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-   -   It floated a couple minutes but then Sank...Total loss (https://www.thehulltruth.com/boating-forum/1046999-floated-couple-minutes-but-then-sank-total-loss.html)

REVROBERT 11-12-2019 02:46 PM

Thank you for sharing and glad there were no injuries!
I'm with you and will be changing my habits when at ramps from this day forward.

Team Seaside 11-12-2019 06:01 PM

I usually just leave mine in park, not a step or wet ramp though. I will start using the parking brake

tango2echo 11-12-2019 07:36 PM


Originally Posted by rdmallory (Post 13099049)
E-brakes are not designed to work in reverse.
They use forward rotation to work.

Doug

Only true of drum brake E-brakes. Many of the disc style E-brakes now use the rear brake caliper and a valve that maintains pressure on the piston when activated.

47Fountain 11-12-2019 07:56 PM

Going to now add wheel chocks & turning the front wheels to my launch & retrieval routine. Thanx OP.

GaryDoug 11-12-2019 07:59 PM

I must be missing something. I rented a 2019 Ford pickup truck today to launch my boat (twice a year event). After I backed the trailer down the ramp and stopped, I could find no parking brake actuator. Guess I should have read the manual first. So I had to just leave it in park and worry about it. But now I seem to read about those trucks having an electronic parking brake. How does that work? Did I not find the button or is it automatically applied? I want to rent again when needed.

ssobol2533@aol.com 11-12-2019 09:48 PM


Originally Posted by SWF Pontoon Angler (Post 13099345)
There are videos on youtube of pulling a stock car on trailer with the Touareg doing 75 and 80 mph. It's one of the best mid sized SUV's for towing and has factory hitch along with 4WD or really all wheel drive but still gets 20 or more mpg. It weighs around 5000 pounds. My Explorer got 13 pulling my 3500 pound boat.

Lots of things can tow stuff fast on a flat road. A stock car only weighs around 3500# (plus the trailer weight). My minivan could do it.

Things get more interesting if you have to swerve or stop suddenly.


ssobol2533@aol.com 11-12-2019 09:50 PM


Originally Posted by tango2echo (Post 13101723)
Only true of drum brake E-brakes. Many of the disc style E-brakes now use the rear brake caliper and a valve that maintains pressure on the piston when activated.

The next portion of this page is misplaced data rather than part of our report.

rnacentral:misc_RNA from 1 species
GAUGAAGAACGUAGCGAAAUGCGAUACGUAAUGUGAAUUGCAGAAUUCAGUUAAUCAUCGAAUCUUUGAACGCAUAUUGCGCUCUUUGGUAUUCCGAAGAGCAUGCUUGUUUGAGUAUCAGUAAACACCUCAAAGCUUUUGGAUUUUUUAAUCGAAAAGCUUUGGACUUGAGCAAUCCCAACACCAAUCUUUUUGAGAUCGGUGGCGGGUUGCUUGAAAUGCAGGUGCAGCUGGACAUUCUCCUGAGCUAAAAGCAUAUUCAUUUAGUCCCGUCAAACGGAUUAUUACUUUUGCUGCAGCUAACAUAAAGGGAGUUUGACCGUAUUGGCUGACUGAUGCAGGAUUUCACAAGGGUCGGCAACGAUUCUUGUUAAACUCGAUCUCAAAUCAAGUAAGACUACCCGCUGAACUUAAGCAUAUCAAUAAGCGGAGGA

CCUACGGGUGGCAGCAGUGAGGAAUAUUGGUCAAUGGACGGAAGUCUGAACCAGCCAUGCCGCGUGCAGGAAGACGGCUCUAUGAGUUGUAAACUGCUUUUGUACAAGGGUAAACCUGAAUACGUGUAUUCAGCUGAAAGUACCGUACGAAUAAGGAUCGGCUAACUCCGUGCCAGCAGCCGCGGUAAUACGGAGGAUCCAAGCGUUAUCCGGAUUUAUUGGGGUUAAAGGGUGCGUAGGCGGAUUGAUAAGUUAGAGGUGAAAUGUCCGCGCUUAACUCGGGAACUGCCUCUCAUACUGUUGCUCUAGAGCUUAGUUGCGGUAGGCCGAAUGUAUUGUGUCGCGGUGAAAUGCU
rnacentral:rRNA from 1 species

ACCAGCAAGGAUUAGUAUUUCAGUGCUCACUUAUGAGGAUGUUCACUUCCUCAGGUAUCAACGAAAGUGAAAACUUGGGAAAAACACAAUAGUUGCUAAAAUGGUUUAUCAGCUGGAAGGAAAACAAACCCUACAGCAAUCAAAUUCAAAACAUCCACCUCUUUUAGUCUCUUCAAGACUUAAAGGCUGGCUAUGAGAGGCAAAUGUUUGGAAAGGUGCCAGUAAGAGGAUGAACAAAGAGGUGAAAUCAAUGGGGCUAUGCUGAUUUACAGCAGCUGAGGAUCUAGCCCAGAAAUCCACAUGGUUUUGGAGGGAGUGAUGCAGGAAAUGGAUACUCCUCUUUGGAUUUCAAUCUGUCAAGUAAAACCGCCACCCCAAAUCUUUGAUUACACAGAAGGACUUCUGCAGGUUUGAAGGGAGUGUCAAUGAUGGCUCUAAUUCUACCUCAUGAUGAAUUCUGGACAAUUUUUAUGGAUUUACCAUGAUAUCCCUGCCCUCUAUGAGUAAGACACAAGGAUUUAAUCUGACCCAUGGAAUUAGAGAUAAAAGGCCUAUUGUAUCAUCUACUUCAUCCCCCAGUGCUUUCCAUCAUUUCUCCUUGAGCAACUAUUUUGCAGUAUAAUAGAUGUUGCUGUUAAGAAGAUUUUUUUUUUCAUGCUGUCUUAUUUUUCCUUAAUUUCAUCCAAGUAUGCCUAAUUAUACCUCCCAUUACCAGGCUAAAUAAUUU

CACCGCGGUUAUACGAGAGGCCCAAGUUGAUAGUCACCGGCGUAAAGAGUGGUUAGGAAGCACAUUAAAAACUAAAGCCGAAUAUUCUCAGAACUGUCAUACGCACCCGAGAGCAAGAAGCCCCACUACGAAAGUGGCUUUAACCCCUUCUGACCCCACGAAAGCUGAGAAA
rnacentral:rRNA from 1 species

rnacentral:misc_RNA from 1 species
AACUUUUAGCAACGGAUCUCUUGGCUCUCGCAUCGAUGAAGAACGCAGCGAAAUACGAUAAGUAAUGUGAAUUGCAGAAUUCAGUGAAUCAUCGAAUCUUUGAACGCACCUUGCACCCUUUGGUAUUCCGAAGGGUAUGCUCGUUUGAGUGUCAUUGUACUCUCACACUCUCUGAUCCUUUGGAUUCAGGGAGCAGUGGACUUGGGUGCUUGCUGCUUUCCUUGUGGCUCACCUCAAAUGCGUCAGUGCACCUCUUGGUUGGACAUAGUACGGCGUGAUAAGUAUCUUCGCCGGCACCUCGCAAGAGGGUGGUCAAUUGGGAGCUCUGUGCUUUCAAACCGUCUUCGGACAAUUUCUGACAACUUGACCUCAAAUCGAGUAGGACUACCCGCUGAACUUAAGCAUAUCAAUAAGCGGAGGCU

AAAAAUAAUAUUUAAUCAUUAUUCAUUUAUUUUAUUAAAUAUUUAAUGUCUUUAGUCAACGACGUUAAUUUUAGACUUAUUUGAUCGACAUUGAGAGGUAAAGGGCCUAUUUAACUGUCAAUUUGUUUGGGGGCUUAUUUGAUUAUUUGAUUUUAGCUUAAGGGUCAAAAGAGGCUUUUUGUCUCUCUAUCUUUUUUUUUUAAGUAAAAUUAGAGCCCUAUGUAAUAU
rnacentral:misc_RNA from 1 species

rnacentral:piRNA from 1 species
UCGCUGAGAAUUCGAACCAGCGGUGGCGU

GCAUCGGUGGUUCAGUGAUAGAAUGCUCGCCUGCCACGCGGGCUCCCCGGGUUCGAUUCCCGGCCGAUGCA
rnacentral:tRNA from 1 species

Problem with using disc brakes for parking is that if the brakes are hot when you apply the parking brake the rotors can warp. That is why a lot of 4 wheel disc brake vehicles use the drum in the hat setup for the parking brake.

SWF Pontoon Angler 11-13-2019 04:35 AM


Originally Posted by ssobol2533@aol.com (Post 13101815)
Lots of things can tow stuff fast on a flat road. A stock car only weighs around 3500# (plus the trailer weight). My minivan could do it.

Things get more interesting if you have to swerve or stop suddenly.

Yes, I've experienced that quick swerve and was very lucky that time when someone cut me off. All I'm saying is I like the Idea of getting an SUV that has a towing capacity of 7700 pounds. I'm not going to pull 7700 pounds but It will be possible. My Explorer could only pull 5600 pounds and it had no problem pulling my boat all over the US. Usually to me, more is usually better when thinking about tow capacity

SWF Pontoon Angler 11-13-2019 04:39 AM


Originally Posted by GaryDoug (Post 13101755)
I must be missing something. I rented a 2019 Ford pickup truck today to launch my boat (twice a year event). After I backed the trailer down the ramp and stopped, I could find no parking brake actuator. Guess I should have read the manual first. So I had to just leave it in park and worry about it. But now I seem to read about those trucks having an electronic parking brake. How does that work? Did I not find the button or is it automatically applied? I want to rent again when needed.

Here's how to do it. https://owner.ford.com/support/how-t...ng-brake.html#

SWF Pontoon Angler 11-13-2019 04:41 AM


Originally Posted by 47Fountain (Post 13101751)
Going to now add wheel chocks & turning the front wheels to my launch & retrieval routine. Thanx OP.

Thanks to you and everyone else who commented about using chocs. You have all convinced me too. I must say I've never seen anyone at the ramp doing it all my life but I'll be watching now and when I see someone do it I'll know they probably read this post and are on THT. :thumbsup:

SWF Pontoon Angler 11-13-2019 04:43 AM


Originally Posted by Team Seaside (Post 13101531)
I usually just leave mine in park, not a step or wet ramp though. I will start using the parking brake

That's exactly what I did when it went in. Are you going to turn off the car?

Rollo Tomassi 11-13-2019 05:05 AM